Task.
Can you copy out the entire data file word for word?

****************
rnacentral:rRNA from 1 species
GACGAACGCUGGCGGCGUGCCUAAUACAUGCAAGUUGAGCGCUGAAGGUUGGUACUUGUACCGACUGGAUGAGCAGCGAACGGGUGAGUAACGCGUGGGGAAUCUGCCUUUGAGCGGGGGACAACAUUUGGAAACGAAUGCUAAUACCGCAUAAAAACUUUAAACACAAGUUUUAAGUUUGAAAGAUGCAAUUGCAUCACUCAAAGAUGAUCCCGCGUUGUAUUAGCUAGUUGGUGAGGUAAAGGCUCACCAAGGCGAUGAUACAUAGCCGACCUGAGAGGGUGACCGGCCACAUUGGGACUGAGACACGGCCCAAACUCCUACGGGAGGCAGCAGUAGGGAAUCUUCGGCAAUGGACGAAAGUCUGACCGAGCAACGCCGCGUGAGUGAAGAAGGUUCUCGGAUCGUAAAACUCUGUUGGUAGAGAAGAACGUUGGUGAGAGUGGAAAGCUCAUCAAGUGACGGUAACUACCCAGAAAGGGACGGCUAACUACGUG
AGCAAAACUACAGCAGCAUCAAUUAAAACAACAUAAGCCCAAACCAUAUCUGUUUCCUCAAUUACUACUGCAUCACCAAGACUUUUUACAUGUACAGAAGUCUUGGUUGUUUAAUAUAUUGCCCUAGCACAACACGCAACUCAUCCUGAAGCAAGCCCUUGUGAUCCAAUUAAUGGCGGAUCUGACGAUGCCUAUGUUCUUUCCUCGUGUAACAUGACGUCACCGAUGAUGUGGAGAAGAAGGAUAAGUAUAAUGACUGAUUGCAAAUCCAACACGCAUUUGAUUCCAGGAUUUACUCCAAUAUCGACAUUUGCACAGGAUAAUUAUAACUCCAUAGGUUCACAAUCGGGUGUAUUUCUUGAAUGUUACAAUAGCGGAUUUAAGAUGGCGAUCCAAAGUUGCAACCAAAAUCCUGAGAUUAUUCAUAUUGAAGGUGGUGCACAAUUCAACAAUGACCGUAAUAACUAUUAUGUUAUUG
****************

rnacentral:rRNA from 1 species
GACGAACGCUGGCGGCGUGCCUAAUACAUGCAAGUUGAGCGCUGAAGGUUGGUACUUGUACCGACUGGAUGAGCAGCGAACGGGUGAGUAACGCGUGGGGAAUCUGCCUUUGAGCGGGGGACAACAUUUGGAAACGAAUGCUAAUACCGCAUAAAAACUUUAAACACAAGUUUUAAGUUUGAAAGAUGCAAUUGCAUCACUCAAAGAUGAUCCCGCGUUGUAUUAGCUAGUUGGUGAGGUAAAGGCUCACCAAGGCGAUGAUACAUAGCCGACCUGAGAGGGUGACCGGCCACAUUGGGACUGAGACACGGCCCAAACUCCUACGGGAGGCAGCAGUAGGGAAUCUUCGGCAAUGGACGAAAGUCUGACCGAGCAACGCCGCGUGAGUGAAGAAGGUUCUCGGAUCGUAAAACUCUGUUGGUAGAGAAGAACGUUGGUGAGAGUGGAAAGCUCAUCAAGUGACGGUAACUACCCAGAAAGGGACGGCUAACUACGUG
AGCAAAACUACAGCAGCAUCAAUUAAAACAACAUAAGCCCAAACCAUAUCUGUUUCCUCAAUUACUACUGCAUCACCAAGACUUUUUACAUGUACAGAAGUCUUGGUUGUUUAAUAUAUUGCCCUAGCACAACACGCAACUCAUCCUGAAGCAAGCCCUUGUGAUCCAAUUAAUGGCGGAUCUGACGAUGCCUAUGUUCUUUCCUCGUGUAACAUGACGUCACCGAUGAUGUGGAGAAGAAGGAUAAGUAUAAUGACUGAUUGCAAAUCCAACACGCAUUUGAUUCCAGGAUUUACUCCAAUAUCGACAUUUGCACAGGAUAAUUAUAACUCCAUAGGUUCACAAUCGGGUGUAUUUCUUGAAUGUUACAAUAGCGGAUUUAAGAUGGCGAUCCAAAGUUGCAACCAAAAUCCUGAGAUUAUUCAUAUUGAAGGUGGUGCACAAUUCAACAAUGACCGUAAUAACUAUUAUGUUAUUG